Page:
Human error is to blame for the recent gas billing bungle in the UK, resulting in thousands of gas consumers over-paying and underpaying for the service for years in some instances. But, energy suppliers could turn this embarrassment into an opportunity depending on their responses to customers.
Energy suppliers have been misreading meters and the problem came to light after one of the UK’s largest energy suppliers, E.ON discovered that it had overcharged several hundred of its customers. One customer paid too much for 15 years.
Regulators say that all of the big six suppliers are affected, as well as at least one independent company.
Apparently suppliers have been confusing old imperial gas meters, which measure consumption in cubic feet, with newer metric ones, which measure it in cubic metres. While the errors have benefited customers whose metric meters have been read as if they were imperial (some being undercharged by 60%), consumers whose imperial meters have been read as if they were newer metric ones have been overcharged by 130% and even more. Those who have been overcharged will be compensated individually and those who have been undercharged will not have to pay the difference back.
Ofgem, the energy regulator, has requested that all suppliers check their billing records to help establish the exact number of customers affected. The error is said to have affected about 0.04% of all 27 million customers in the UK, which amounts to more than 10,000.
Meters misreads embarrassing
A resulting inquiry by the UK’s energy regulator puts the industry back in the spotlight, just weeks after the UK’s competition watchdog warned that customers were paying £1.7 billion more than they should every year by not switching supplier. In June the Competition and Markets Authority ruled after a two-year probe that prices should be capped for customers on prepayment meters. [Modernising Britain’s energy market].
Similar errors have occurred occasionally in the past, but this is the first time they have been discovered on this scale. Several companies have been fined for inaccurate bills. For instance, Npower last year agreed to pay a record £26 mllion for billing problems affecting more than 500,000 customers between September 2013 and December 2014.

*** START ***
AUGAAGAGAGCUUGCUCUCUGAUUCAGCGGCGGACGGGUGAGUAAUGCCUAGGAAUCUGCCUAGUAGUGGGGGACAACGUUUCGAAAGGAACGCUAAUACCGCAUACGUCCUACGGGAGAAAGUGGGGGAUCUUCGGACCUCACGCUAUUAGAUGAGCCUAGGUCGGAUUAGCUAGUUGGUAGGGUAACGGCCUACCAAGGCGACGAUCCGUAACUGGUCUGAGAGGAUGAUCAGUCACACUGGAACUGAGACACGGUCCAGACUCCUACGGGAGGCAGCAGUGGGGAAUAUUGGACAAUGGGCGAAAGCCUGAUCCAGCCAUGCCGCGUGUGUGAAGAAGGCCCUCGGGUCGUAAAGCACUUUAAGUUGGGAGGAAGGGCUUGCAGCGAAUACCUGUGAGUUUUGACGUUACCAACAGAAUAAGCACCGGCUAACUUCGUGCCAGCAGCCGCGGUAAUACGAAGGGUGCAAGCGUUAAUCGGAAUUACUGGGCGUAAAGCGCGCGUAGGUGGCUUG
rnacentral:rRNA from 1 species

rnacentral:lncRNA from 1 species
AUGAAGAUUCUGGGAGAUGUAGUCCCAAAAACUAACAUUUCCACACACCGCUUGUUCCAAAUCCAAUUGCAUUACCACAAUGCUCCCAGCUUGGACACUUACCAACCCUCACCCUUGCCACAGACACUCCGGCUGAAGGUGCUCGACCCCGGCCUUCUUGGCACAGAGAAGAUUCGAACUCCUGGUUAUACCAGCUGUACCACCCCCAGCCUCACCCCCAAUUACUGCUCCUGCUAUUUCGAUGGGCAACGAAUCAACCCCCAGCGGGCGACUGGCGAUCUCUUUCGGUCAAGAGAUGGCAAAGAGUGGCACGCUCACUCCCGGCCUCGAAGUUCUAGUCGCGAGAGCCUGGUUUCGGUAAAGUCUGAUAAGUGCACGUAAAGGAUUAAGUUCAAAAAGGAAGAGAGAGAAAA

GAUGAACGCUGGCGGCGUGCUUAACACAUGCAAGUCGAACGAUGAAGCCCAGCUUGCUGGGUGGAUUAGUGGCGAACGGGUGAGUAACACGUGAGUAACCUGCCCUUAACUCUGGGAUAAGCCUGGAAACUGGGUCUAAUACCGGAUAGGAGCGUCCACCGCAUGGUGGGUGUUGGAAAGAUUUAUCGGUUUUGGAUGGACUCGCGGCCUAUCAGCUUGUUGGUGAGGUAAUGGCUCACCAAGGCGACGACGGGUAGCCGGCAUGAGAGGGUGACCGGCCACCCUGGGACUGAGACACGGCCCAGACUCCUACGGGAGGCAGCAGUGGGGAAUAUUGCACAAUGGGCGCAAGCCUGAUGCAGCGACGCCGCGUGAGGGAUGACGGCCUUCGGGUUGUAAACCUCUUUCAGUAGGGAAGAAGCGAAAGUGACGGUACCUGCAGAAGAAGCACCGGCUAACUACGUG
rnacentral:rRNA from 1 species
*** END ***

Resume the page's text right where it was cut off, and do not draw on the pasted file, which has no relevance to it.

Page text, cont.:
Nick Hunn, Engerati member and contributor gave Engerati his take on the error: “If they can’t even work out the difference between metric and imperial units, how on earth can anyone trust them to design and operate the world’s most complex smart metering system? It also illustrates that they have no current data analytics capability. Any decent billing software should have alerted them to these anomalies. If they haven’t worked out this basic level of data analysis, then the extra data they will get from smart meters will be wasted.”
Poor track record could spike switching numbers
While energy suppliers like E.ON and EnergyUK have already set up strategies and compensation schemes, advising customers that they need not take any action and that they will be in touch with them, we do wonder if this will encourage customers to be more attentive when it comes to billing and proactive when it comes to shopping around for the best deals and quality service provision. We highlighted recently how the billing experience plays a key part of the customer life cycle and has a major influence on satisfaction and switching [Customer shock and the billing experience].
Ofgem agrees with this and has advised suppliers to respond quickly. Their spokesperson told Engerati:“When suppliers make mistakes it’s important that they put things right quickly, if they don’t they will lose customers through switching to a rival supplier.”
While Ofgem recommends that suppliers act quickly to avoid losing customers, they are also reminding consumers to shop around. Their spokesperson told advised: “We publish independent and authoritative data on energy suppliers performance on our website for consumers to compare. We encourage all consumers who want to get a better deal to shop around. For impartial advice on how to do this visit www.goenergyshopping.com”
Because of the difficulty of tracking back over such long periods in some cases, we honestly doubt whether suppliers will tally up the figures accurately. We think consumers realise this too. With this in mind, we think it’s going to come down to efficient and a more than satisfactory response to customers- a ‘bend over backwards’ response, if you will ! Suppliers have to now prove their competence going forward and rebuild customers’ trust.
Based on this analysis, we think the latest bungle is likely to encourage some much needed competition in the industry and it would be in the suppliers’ interest to deal with this billing issue as efficiently and honestly as possible to avoid a loss in customer numbers to fellow competitors.